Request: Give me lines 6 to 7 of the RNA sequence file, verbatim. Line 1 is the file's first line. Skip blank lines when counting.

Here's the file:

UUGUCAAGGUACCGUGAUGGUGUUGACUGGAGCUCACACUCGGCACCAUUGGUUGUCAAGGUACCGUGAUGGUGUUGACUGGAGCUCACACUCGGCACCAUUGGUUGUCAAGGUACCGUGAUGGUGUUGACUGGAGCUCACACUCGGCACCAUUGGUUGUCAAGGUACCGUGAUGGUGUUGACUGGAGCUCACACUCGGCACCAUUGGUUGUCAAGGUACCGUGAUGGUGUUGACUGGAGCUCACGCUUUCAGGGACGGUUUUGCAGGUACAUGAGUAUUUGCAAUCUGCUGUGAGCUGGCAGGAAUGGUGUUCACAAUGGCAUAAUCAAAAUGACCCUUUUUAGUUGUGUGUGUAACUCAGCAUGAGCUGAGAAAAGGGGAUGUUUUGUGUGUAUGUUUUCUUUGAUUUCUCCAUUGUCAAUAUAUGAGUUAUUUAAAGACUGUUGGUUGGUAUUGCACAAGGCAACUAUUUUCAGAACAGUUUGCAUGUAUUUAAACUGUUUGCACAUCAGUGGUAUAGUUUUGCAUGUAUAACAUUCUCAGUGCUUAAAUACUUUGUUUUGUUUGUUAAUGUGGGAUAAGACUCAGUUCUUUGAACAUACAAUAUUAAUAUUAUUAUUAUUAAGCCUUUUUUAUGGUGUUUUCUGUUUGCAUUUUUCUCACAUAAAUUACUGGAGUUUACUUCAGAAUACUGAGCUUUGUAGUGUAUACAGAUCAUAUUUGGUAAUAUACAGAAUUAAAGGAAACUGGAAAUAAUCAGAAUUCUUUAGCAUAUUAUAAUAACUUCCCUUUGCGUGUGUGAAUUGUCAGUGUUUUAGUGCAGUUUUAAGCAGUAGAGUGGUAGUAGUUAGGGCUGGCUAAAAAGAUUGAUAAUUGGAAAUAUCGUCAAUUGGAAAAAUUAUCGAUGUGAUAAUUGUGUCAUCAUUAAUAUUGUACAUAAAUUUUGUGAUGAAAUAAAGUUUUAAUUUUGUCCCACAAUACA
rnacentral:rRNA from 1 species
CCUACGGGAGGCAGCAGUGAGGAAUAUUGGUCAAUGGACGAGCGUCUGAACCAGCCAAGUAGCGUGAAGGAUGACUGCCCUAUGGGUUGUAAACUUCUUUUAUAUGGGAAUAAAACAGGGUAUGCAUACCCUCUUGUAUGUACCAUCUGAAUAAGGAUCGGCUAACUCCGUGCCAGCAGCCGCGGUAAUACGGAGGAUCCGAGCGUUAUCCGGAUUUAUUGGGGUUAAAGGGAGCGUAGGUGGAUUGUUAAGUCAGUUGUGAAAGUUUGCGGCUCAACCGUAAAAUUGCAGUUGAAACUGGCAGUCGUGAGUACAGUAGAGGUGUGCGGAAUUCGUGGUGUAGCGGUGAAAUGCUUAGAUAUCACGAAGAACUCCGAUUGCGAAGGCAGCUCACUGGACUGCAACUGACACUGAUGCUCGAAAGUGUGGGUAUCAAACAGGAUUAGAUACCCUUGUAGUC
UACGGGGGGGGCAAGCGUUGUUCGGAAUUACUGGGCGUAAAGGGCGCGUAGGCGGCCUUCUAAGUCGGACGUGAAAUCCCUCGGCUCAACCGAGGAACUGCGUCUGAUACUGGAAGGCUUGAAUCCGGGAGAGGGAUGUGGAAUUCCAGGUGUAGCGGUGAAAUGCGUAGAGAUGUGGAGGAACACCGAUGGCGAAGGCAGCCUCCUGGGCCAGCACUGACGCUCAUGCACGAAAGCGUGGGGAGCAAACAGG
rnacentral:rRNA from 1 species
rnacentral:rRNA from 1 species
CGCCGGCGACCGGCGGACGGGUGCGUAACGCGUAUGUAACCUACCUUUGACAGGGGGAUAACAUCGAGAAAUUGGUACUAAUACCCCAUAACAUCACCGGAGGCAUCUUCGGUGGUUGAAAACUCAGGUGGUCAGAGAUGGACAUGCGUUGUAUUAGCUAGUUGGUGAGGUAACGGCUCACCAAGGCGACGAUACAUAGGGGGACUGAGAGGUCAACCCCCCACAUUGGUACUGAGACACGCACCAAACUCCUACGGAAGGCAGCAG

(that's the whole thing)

rnacentral:rRNA from 1 species
CGCCGGCGACCGGCGGACGGGUGCGUAACGCGUAUGUAACCUACCUUUGACAGGGGGAUAACAUCGAGAAAUUGGUACUAAUACCCCAUAACAUCACCGGAGGCAUCUUCGGUGGUUGAAAACUCAGGUGGUCAGAGAUGGACAUGCGUUGUAUUAGCUAGUUGGUGAGGUAACGGCUCACCAAGGCGACGAUACAUAGGGGGACUGAGAGGUCAACCCCCCACAUUGGUACUGAGACACGCACCAAACUCCUACGGAAGGCAGCAG